Highlights of New York TEA-21 National Listening Session
OVERALL: There was broad support for TEA-21 basic retention of ISTEA framework and multi-modal and intermodal approach. As indicated below, a number of speakers envision a Federal role, at least with respect to some issues, as proactive but in a partnership rather than proscriptive mode. Key quotes from the day:
QUOTES - NEW YORK
Mayor John Zisa, City of Hackensack, NJ (Bergen County) "Conversations about transportation are the most compelling discussions we have about economic development and quality of life." (NY Session, 10/6)
Richard Martinez, Bureau Chief, Policy & Planning, Connecticut DOT: "If ISTEA was a sea change, then TEA-21 is a validation of ISTEAs changes." (NY Session, 10/6)
Jeff Zupan, Senior Fellow, Regional Plan Association: "The Nation and our region must do a better job of managing demand on our highway networks." (NY Session, 10/6)
Frans W. van Riemsdyk, VP, Sales and Marketing, Maher Terminals "Government provided infrastructure must keep pace with global trade." (NY Session, 10/6)
Cruz Russell, Director, Office of Policy and Planning, Port Authority of NY & NJ: "ISTEA and TEA-21 provide a platform and opportunity to do better at utilizing our regional resources." (NY Session, 10/6)
Frank Kreusi, President, Chicago Transit Authority: "Movement of people needs to be effective and efficient, but also humane." (NY Session, 10/6)
Welfare-to-work/jobs access: Need flexibility to ensure goals of program are met. Requirement that $$ be "attached" to an individual"client" is almost impossible. We need to balance the need to regulate and have accountability vs. the need to get the $$ out to move people.
Big buses, fixed route transit not the only answer. "Mobility managers" is the right way to go.
Federal highway $$ should be eligible to accelerate bus replacement programs.
New Rules, Regulations & Guidance:
Clean Fuel Program: eligibility should be limited to nonattainment areas; priority should be given to areas that use CNG and other clean fuels.
Planning and Streamlining:
Consolidation down to 7 factors gives greater flexibility, provision that failure to consider 7 factors is not reviewable by the courts is disturbing. Also, public participation is uneven. DOT needs to monitor MPO performance.
USDOT should give MPOs the tools to continue role as coordinator, facilitator. Labor needs to be part of the MPO process.
DOT should give flexibility on how to incorporate MIS into the NEPA and planning processes, although one speaker urged that MIS be retained as distinct element of the planning process.
Environmental reviews need to be expedited: what about delegation to state resource agencies?
States should be able to use other Federal $$ for advance construction.
DOT regulations on penalties with respect to failure to enforce provisions on repeat drunk driving offenders are needed ASAP to give states time to revise state laws.
Bike and pedestrian (B&P) modes need to be safer. Incorporation of B&P considerations into transportation planning and project development is important. B&P community should be involved in developing highway and transit design standards.
As DOT develops safety regulations, there is concern that linkage w/ other data bases will cause loss of privacy, and that drive for uniformity may mean that important data gets lost.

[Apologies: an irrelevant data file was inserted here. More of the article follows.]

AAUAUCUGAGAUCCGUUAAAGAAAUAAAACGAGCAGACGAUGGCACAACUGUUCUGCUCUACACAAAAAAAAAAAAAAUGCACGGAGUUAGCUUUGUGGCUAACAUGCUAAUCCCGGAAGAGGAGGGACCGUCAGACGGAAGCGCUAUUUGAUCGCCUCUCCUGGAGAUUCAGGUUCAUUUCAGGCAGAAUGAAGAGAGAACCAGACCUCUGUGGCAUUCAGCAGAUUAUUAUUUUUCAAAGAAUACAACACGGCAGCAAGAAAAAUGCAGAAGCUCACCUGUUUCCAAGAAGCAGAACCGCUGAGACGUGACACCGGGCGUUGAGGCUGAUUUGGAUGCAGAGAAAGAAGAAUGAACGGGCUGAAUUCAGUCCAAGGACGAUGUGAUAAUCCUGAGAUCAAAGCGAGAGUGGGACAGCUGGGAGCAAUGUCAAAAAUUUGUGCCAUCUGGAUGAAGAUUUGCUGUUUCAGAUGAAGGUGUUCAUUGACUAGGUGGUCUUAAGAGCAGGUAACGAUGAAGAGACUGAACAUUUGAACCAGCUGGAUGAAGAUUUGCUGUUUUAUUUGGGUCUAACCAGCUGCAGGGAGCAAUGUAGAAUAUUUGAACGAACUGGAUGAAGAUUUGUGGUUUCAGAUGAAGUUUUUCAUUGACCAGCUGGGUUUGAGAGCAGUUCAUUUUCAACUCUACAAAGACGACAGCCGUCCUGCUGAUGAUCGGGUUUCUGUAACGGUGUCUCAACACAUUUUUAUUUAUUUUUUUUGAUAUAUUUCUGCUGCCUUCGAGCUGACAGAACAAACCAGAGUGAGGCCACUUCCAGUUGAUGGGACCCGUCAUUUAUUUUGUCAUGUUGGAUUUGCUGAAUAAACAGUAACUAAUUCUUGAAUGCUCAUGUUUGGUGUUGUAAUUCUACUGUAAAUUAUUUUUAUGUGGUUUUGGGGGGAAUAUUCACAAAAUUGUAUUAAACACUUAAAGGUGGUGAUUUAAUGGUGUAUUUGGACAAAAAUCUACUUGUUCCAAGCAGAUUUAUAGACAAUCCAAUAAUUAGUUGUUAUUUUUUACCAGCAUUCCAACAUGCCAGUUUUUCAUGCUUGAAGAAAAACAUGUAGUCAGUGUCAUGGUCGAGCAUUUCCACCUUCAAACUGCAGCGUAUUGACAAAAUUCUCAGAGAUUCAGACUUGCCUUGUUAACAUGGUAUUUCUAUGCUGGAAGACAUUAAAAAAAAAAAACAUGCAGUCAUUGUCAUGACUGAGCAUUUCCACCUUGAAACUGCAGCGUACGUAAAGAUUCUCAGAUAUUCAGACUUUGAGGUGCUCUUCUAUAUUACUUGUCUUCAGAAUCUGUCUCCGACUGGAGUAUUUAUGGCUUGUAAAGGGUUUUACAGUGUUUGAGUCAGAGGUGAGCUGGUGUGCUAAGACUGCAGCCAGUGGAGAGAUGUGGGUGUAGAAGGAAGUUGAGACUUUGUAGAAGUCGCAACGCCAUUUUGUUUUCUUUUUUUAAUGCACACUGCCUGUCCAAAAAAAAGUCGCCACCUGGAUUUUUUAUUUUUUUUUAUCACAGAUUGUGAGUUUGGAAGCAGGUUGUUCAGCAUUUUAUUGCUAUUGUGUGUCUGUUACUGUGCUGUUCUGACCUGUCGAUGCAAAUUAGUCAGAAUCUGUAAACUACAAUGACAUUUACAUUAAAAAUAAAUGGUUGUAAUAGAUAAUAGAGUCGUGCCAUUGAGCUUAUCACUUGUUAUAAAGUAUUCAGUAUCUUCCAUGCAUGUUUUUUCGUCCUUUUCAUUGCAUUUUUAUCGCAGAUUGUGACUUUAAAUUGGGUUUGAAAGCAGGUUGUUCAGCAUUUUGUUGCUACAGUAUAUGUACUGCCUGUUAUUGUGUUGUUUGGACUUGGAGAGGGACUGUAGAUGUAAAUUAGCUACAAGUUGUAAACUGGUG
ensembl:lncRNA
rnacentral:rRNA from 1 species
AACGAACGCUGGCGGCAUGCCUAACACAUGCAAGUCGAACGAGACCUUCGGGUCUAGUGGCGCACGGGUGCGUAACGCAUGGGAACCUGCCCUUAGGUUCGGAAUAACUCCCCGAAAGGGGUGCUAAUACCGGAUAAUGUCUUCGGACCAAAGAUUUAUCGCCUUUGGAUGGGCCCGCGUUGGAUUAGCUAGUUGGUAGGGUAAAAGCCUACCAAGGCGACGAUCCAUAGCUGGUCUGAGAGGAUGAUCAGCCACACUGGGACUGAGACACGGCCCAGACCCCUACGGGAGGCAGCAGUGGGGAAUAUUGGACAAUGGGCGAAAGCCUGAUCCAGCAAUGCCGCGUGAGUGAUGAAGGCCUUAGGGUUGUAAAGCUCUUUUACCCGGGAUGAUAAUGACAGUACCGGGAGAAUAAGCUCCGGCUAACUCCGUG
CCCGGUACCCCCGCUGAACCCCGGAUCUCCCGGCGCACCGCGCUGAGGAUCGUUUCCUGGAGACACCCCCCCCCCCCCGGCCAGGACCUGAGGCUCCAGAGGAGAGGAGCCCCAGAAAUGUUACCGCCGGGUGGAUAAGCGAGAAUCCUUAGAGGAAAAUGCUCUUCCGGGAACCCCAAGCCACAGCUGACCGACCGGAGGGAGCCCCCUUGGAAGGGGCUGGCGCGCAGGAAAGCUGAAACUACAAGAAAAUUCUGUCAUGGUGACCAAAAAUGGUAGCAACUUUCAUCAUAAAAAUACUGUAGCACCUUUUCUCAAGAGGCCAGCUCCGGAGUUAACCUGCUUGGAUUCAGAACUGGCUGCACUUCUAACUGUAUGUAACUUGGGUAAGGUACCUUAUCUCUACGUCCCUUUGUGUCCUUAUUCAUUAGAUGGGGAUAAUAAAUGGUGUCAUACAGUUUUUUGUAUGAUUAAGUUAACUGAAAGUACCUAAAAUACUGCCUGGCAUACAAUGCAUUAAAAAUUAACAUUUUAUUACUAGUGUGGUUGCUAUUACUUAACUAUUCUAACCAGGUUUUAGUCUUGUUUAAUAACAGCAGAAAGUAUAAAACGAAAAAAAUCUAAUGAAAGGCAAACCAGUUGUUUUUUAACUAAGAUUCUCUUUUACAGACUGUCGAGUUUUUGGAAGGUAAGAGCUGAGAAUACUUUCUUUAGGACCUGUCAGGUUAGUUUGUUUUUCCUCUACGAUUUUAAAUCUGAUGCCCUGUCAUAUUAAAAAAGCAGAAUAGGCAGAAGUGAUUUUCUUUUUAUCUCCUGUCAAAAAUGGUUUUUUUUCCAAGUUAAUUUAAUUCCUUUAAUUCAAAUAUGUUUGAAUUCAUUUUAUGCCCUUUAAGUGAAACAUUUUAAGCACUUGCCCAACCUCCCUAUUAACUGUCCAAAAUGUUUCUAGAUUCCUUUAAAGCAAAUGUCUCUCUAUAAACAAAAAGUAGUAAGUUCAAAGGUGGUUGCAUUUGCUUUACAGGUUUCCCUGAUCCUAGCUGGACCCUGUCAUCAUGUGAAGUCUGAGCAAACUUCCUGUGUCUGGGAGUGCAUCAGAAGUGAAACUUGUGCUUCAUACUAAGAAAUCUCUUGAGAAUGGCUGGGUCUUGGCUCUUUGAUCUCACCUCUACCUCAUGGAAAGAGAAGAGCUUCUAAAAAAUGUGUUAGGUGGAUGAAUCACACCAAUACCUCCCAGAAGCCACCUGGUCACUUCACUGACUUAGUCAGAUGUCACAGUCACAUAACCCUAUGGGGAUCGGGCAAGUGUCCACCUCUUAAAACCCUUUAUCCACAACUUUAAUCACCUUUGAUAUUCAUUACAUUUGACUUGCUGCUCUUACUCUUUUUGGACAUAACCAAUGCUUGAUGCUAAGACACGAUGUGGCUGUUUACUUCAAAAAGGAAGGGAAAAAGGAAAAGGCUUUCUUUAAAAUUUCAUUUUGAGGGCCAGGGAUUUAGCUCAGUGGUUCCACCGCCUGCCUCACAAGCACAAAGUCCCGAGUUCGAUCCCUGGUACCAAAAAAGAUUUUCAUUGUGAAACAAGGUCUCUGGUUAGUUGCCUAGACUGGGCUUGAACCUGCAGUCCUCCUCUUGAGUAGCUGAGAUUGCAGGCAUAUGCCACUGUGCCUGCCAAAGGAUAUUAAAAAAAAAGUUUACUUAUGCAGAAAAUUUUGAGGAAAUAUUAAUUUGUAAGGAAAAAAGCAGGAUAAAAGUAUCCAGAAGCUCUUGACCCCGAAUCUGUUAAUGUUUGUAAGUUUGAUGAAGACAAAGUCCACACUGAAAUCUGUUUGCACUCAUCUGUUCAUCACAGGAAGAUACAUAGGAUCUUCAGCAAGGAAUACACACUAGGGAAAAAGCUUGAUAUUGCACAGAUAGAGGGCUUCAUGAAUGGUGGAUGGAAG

Need to enhance transit safety: seek Federal support, not sanctions, for safety and training programs.
Federal Role/Institutional Relationships
Public-private partnerships need to be more clearly defined. Any guidance or assistance from USDOT would be helpful.
Need to get real about making rational transportation decisions on rail investments. DOT needs to take a firm hand. If poor new start proposals move forward, transit will suffer in the long run.
FTA should streamline programs; e.g., FTA reporting requirements result in project delays. FTA should adopt FHWA fiscal information and management system to allow projects to proceed on a project by project basis.
DOT should show leadership in improving the MPO process.
DOT should support the large cities initiative
DOT should help reduce the confusion that exists in the private sector about commuter choice (transit check, cash out). DOT should do more explaining of transit provisions to highway community, and vice-versa.
DOT needs to support local land use change initiatives.
There needs to be better coordination of transit with other Federally funded social services, including training programs as to how to work with the many Federal programs.
With respect to ITS opportunities in transit (e.g., AVL systems, signal pre-emption), the problem is institutional. At the Federal level, the ITS $$ go thru FHWA, not FTA. At the local level: signal preemption involves multiple jurisdictions.
Intermodalism/Economic Development/Goods Movement
Connections LRT+commuter rail+highways are key to efficient multi-modal network. Intermodalism is key to economic growth and development, needs to include land use, zoning.
Connecting roads to transit systems benefit both.
Bringing in freight becomes critical, and public-private partnerships can help a lot.
Government provided infrastructure must keep pace with global trade.
Needs to be an increased focus on introducing new technology for maximum efficiency and productivity of the existing system.
Should invest R&D money to find construction techniques more acceptable to communities, especially with respect to noise. Need to work closely with local communities to minimize impact of construction.